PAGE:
Monastic libraries were looted and their books used for scrap paper — some of which made its way into toilets, so despised were the ancient liturgies and music of the Catholic Church.

“Lullaby,” a Christmas Carol

In 1588, Byrd published an elegant songbook, Psalms, Sonnets and Songs. According to McCarthy, the elegance of this songbook may have been part of an attempt to reestablish his reputation at court. “He spent most of the decade under constant suspicion of illegal Catholic activities.“

Psalms, Sonnets and Songs (1588) title page, which reads in part “Songs very rare and newly composed are here published for the recreation of all such as delight in music, by William Byrd, one of the gentlemen of the Queen’s Majesty’s honorable Chapel. With the privilege of the royal majesty.”

Fortunately for Byrd’s reputation, the 1588 songbook was a hit, and his English Christmas carol  from that songbook, “Lullaby,” became an enduring favorite. The Earl of Worcester wrote fourteen years later, in 1602,  that “we are frolic [joyful] here in court … Irish tunes are at the time more pleasing, but in winter Lullaby, an old song of Mr. Byrd’s, will be more in request, as I think.” 

In view of his earlier thinly-disguised protests in the texts of his Psalm settings, it is tempting to see a similar vein in his Lullaby, with this line, “O woe and woeful heavy day when wretches have their will!”  and a prediction that even though the wicked king sought to kill the King (Jesus), the Son of God would reign, “whom tyrants none can kill.”

In spite of all the attendant risks, Byrd increasingly used his talents to serve the Catholic liturgy while almost the entire English population abandoned the ancient Faith.

Third Mass of Christmas Day, Puer Natus Est

In 1607, nineteen years after Lullaby, and about a decade after he published settings for the Ordinary of the Mass (his immortal Masses for Three, Four, and Five Voices still sung today), Byrd published his polyphonic setting of the Latin Propers for the third Mass of Christmas Day. This Mass was published in a collection called Gradualia, along with Christmas motets. Byrd had retired from the Royal Court to live in Essex by then, where he worshiped with, played and created sacred music for a gathering of Catholics in the home of Baron John Petre.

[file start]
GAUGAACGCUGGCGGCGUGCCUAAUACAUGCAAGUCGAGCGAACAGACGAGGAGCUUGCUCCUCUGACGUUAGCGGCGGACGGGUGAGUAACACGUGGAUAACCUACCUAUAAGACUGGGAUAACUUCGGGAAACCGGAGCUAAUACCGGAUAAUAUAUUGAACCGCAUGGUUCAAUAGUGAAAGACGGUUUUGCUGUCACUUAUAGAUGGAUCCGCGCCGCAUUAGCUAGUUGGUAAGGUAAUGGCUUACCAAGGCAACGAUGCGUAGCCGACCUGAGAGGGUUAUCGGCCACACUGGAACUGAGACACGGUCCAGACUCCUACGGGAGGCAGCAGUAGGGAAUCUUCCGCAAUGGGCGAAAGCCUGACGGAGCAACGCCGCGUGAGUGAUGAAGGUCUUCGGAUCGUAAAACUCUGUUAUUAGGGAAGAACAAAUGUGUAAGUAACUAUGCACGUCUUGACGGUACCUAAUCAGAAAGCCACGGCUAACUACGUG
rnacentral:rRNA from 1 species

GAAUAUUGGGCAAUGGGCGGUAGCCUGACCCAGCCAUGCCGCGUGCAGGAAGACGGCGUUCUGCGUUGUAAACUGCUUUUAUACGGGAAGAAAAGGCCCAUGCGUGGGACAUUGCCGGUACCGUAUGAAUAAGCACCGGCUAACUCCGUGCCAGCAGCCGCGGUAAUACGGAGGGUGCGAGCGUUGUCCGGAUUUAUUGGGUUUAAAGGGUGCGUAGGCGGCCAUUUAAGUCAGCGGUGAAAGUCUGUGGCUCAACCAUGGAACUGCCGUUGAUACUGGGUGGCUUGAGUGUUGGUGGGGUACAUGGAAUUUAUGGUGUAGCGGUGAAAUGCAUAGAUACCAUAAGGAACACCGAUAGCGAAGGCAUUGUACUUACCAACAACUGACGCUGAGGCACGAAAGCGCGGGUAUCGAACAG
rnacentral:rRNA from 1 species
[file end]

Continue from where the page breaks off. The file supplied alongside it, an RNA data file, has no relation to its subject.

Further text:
Byrd wrote in the dedication of his second Gradualia that the music had “proceeded from [John Petre’s] house, most generous to me and mine.”

Byrd had retired from the Royal Court to live in Essex by then, where he worshiped with, played and created sacred music for a gathering of Catholics in the home of Baron John Petre.

Byrd managed to get the necessary printing approvals for the Gradualia from no less a personage than Richard Bancroft, the Anglican Bishop of London. According to McCarthy, the bishop who gave the approval apparently did so because he thought the Propers would contribute to dissension in the ranks of Catholics.

Perhaps partly due to the danger of discovery that he envisioned for singers of his  propers, Byrd  kept the individual propers short. “His elegant little offertories and communions—some of them are barely a minute long—could hardly be further removed from the leisurely Latin motets.”

 “When he described his settings of the Mass Proper in his 1605 preface, he called them ‘notes as a garland to adorn certain holy and delightful phrases of the Christian rite.’”

In spite of all the attendant risks, Byrd increasingly used his talents to serve the Catholic liturgy while almost the entire English population abandoned the ancient Faith. Perhaps he had his own end in mind.

In the will he signed in 1622, the year before he died, Byrd wrote this prayer, “that I may live and die a true and perfect member” of the “holy Catholic Church, without which I believe there is no salvation for me.”

A CASE OF MISTAKEN IDENTITY: Portrait commonly (but mistakenly) believed to be of Byrd, according to historian Kerry McCarthy. “There is no evidence that the well-known engraved portrait of Byrd; is anything but a fanciful eighteenth-century artist’s rendition of an Elizabethan gentleman.” This engraving by Gerard van der Guch, after a drawing by Nicola Francesco Haym, c.1729, is in the British Museum.

In his 1622 will, Byrd wrote this prayer, “that I may live and die a true and perfect member” of the “holy Catholic Church, without which I believe there is no salvation for me.”

 

Christmas Schkatalata in Italian Brooklyn

by Camille Loccisano There’s no getting around it. As an Italian-American, my holidays have always included great food, especially at Christmas.  Christmas Schkatalata was a favorite. I grew up in Bay Ridge, Brooklyn — a middle-class neighborhood which nestles like a small jewel under the Verrazano Bridge. In the 1960’s, 70’s and 80’s, it was … Read more

TALES FROM THE JOURNEY HOME: Conversion at Auschwitz

Like many people, I struggled with the Faith in my youth. I never doubted, but from my teens to mid-twenties I violently resented and disliked God. These were strongly conflicted feelings and for every measure of resentment and dislike, I felt equal or greater parts love and desire for God. I defied and rejected God, … Read more